NEW YORK (Reuters) - A former Societe Generale trader admitted he took home printouts of the French bank’s speed-trading code, admitted sharing it with a prospective employer and that it was wrong, an odd twist in the criminal trial over trade secrets theft.
The trial of Samarth Agrawal, a citizen of India, is expected to go to the jury in U.S. District Court in New York on Thursday or Friday, but the presiding judge all but called it over.
“Frankly, I‘m puzzled by the present situation,” Judge Jed Rakoff said. “The defendant has admitted all essential elements of at least the first count of the indictment and probably the second count.”
Agrawal was arrested and charged in April with theft of trade secrets and a scheme to defraud. U.S. prosecutors said he stole code for SocGen’s lucrative high-frequency trading system last year so he could replicate it at his new job with Tower Research Capital LLC hedge fund.
Agrawal’s lawyer, Ivan Fisher, asked his client on the stand whether he understood the printouts of code he took to his apartment last year were proprietary to SocGen and Agrawal, 27, answered, “Yes.”
Asked whether he understood that it was wrong, Agrawal replied, “Yes.”
Agrawal, looking tense and close to tears in a dark suit, white shirt and silvery tie, testified that he shared aspects of the code with partners at Tower before a garden-leave period with SocGen ended in March this year.
When the lawyer asked Agrawal why he did it, he said after a long pause: “It made certain things easier. I had to make some steps of trading, instead of making it from my mind.”
Agrawal, who worked at SocGen’s New York office from March 2007 to November 2009, was arrested by the FBI on April 19, the day he was to start a higher-paying job at Tower. FBI agents found hundreds of pages of algorithmic code in his apartment.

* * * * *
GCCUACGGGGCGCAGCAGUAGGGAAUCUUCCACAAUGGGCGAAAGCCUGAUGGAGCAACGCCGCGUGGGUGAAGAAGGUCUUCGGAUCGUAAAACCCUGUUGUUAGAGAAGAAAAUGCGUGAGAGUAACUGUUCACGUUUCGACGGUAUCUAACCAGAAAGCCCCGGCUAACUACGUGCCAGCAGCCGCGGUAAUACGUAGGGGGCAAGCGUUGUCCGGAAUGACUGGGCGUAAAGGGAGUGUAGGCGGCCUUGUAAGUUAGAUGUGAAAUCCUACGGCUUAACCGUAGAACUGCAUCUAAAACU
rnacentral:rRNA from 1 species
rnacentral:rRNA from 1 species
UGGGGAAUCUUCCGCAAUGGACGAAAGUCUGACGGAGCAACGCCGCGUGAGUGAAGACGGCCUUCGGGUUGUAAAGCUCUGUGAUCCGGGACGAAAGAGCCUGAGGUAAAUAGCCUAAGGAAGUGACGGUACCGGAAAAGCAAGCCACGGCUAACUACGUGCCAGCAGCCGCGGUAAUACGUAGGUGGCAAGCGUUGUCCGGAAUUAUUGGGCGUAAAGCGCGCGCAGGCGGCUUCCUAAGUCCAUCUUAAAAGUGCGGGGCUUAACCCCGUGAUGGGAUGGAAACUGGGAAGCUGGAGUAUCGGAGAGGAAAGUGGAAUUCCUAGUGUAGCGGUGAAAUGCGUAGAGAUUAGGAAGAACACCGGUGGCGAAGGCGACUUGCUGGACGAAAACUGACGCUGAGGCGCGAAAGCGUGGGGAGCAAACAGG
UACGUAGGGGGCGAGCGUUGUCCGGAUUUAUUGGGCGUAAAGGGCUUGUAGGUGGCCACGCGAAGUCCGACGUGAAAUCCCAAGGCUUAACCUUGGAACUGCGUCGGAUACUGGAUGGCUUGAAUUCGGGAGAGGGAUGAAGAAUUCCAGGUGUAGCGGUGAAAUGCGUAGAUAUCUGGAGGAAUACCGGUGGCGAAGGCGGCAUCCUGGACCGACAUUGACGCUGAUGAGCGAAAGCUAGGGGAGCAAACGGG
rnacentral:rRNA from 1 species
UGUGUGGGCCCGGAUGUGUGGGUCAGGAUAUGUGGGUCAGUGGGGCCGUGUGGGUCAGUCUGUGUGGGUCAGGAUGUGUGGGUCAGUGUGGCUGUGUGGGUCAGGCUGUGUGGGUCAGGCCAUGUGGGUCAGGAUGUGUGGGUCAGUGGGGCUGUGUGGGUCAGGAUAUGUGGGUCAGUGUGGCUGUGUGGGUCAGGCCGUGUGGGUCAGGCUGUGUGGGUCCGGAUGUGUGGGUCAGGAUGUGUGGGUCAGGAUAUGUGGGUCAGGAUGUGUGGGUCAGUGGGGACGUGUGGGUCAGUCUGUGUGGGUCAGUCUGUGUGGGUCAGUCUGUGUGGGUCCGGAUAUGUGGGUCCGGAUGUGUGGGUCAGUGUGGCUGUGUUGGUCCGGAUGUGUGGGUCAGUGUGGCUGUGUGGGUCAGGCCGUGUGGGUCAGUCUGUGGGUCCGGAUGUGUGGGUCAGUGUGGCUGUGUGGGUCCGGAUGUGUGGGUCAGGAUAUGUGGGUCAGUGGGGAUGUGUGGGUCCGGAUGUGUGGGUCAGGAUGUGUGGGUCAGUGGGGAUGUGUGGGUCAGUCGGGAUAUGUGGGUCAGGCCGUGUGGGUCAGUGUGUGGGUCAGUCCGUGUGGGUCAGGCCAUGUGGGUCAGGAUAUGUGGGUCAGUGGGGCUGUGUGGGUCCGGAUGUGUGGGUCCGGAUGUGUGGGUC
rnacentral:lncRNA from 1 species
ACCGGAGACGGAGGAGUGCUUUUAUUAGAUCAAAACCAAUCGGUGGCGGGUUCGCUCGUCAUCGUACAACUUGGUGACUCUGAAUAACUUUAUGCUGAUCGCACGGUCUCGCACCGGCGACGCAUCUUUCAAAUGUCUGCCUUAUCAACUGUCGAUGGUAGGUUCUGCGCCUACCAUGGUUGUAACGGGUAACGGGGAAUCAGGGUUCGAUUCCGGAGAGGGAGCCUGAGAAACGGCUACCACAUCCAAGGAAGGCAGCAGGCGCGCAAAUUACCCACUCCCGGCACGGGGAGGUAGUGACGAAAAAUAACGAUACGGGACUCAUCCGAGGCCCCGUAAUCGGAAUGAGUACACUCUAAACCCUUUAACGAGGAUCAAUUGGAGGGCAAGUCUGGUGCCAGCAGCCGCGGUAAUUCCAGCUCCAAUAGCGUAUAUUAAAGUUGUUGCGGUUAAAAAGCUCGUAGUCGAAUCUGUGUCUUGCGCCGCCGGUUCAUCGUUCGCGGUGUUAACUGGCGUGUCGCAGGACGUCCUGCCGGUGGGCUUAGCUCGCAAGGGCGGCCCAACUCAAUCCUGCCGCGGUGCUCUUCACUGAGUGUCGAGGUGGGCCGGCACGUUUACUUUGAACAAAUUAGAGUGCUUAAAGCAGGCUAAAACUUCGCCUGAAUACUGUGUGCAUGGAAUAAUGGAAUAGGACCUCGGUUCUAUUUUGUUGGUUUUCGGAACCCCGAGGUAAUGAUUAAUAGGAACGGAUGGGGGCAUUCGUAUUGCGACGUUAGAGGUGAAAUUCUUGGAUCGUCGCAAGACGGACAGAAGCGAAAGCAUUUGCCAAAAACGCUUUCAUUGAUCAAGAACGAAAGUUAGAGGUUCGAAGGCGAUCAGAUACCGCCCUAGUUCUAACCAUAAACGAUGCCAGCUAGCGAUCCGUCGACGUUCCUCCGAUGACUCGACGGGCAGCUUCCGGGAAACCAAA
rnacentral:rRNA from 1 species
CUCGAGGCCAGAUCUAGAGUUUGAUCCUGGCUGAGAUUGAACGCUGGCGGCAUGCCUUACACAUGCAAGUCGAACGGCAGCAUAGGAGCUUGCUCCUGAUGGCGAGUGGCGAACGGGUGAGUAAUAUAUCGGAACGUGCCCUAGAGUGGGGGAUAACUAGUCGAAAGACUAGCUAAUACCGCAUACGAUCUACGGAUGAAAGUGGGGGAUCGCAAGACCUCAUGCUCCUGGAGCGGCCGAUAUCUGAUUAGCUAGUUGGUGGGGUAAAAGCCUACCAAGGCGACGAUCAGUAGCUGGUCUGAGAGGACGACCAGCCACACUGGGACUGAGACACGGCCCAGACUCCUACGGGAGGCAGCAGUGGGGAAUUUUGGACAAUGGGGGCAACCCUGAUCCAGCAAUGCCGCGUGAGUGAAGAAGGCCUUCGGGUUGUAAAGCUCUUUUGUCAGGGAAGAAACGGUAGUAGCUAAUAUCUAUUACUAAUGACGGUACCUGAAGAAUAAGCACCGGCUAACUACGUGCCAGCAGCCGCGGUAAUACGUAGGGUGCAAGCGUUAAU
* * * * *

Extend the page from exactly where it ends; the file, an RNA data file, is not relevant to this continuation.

High-frequency trading, or high-speed automated trading, has become an increasingly important business, generating millions in profits for banks and brokerages. The algorithmic code that each institution uses is a closely guarded secret.
The government has also charged a former Goldman Sachs Group Inc computer programer with trade secrets theft before he moved to a competitor. The trial of the programer, Sergey Aleynikov, is scheduled to start in the same court on November 29.
The trading in shares by computers takes place in milliseconds and it came under scrutiny by securities regulators after the May 6 stock market “flash crash.”
U.S. prosecutors Thomas Brown and Daniel Levy told the judge on Wednesday that, under sentencing guidelines, Agrawal could face imprisonment of between 46 months (3 years and 10 months) and 57 months (4 years and 9 months).
“One is driven to the inference of what is really going on here is a sympathy defense,” Rakoff said. “And indeed one would feel hard pressed not feel sympathy for this defendant.”
The bank, which said in April it reported the purported theft to law enforcement authorities, has declined comment on the trial, which began on November 8. Tower also declined to comment.
During the trial, there have been veiled references to the Jerome Kerviel scandal that rocked the French bank in 2008, particularly in the way it triggered changes in SocGen policy about employees working in the office at night, on weekends or at home. Kerviel, a rogue trader who nearly felled SocGen, was sentenced on October 6 to at least three years in prison and ordered to pay his former employers a fine equivalent to $6.8 billion.
The case is USA v Agrawal, U.S. District Court for the Southern District of New York, No. 10-417.
Reporting by Grant McCool; editing by Gerald E. McCormick and Andre Grenon